And why can’t the senders avoid them?  You don’t need top-tier GPT-3 to sidestep these errors:

“touch base with you”


“immediate reply requested”

They are all dead giveaways that I should delete the message without reading further.  And why does the top of the email have to look so institutional in its formatting?  And please note — these are not all scams.  Many are actual marketing pitches directed at me.

Maybe worst of all is mentioning that I haven’t responded to the last email sent, as if that would make me feel guilty or something.  Treat me like a rational Bayesian!

“still haven’t heard back from you”

“still awaiting a response”

And so on.  You will continue to wait. This one I received is a lie, but at least based on a certain amount of cleverness:

“You’ve been responsive to press releases we’ve issued in the past around government and cybersecurity”

What else do you all take to be very clear predictors that an email is spam or just a marketing pitch?  And what is your model for why spam emails are not more convincing than they are?

Crypto’s volatility premium

That is the topic of this week’s Bloomberg column, 2x the usual length, building on earlier work by Tyrone, see also this Megan McArdle column.  As for me, here is a key excerpt:

Much of the primary value of crypto assets is from their price volatility, which is part of their appeal. I raised this possibility some while ago, tongue in cheek, but upon further reflection it seems to me an actually useful (albeit counterintuitive) way of thinking about crypto assets. The general idea of price volatility as a value dates at least as far back as Fischer Black, one of the founders of options price theory.

In standard economic theory, investors are risk-averse, meaning they prefer more stable consumption patterns to less stable ones. That is usually true, but it does not mean investors always prefer more stable investment prices — a crucial distinction.

Consider this hypothetical: You are given an envelope containing one dollar. You are then offered the opportunity to exchange it for an envelope which contains either twice the money (that is, $2) or half the money (50 cents), each with 50% probability. In essence, you are accepting some exchange-rate volatility.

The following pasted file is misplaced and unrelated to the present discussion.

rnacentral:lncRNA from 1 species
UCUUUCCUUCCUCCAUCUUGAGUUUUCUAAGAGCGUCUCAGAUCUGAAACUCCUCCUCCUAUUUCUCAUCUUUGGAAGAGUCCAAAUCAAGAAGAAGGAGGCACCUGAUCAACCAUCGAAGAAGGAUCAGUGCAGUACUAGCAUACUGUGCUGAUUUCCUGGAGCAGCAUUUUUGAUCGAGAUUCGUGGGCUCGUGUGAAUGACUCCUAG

Most people will find this bet a pretty good one. The new expected value of your envelope is (0.5 x $2) + (0.5 x $0.5), or $1.25. That is a higher expected value than your original dollar.

If you are perched at the margin of subsistence, this bet might seem too risky. But for most investors, who have some level of wealth, it is an improvement in prospects, though with some additional risk.

Bitcoin and other crypto assets are essentially offering you a form of this bet. To be sure, this 50-50 bet does not exactly describe the price dynamics of crypto assets. But it is one way of illustrating that crypto prices, relative to the dollar, will either go up a lot or down a lot. The bet helps show that some investors might welcome price volatility — or, if you wish, call it exchange-rate volatility. And with even wilder swings in value, there is more extreme price volatility, which can be even more appealing.

So when Bitcoin and other crypto assets come along, they are a new source of expected gain — precisely due to their price volatility. It is like being invited into a casino where the odds favor you rather than the house! You won’t always win, but a lot of people will want to keep playing.

I’ve been pondering that argument since 2013, maybe now is the time to simply accept it.. Fischer Black and Jensen’s Inequality!

My Conversation with Jamal Greene

Here is the audio, video, and transcript.  Here is part of the summary: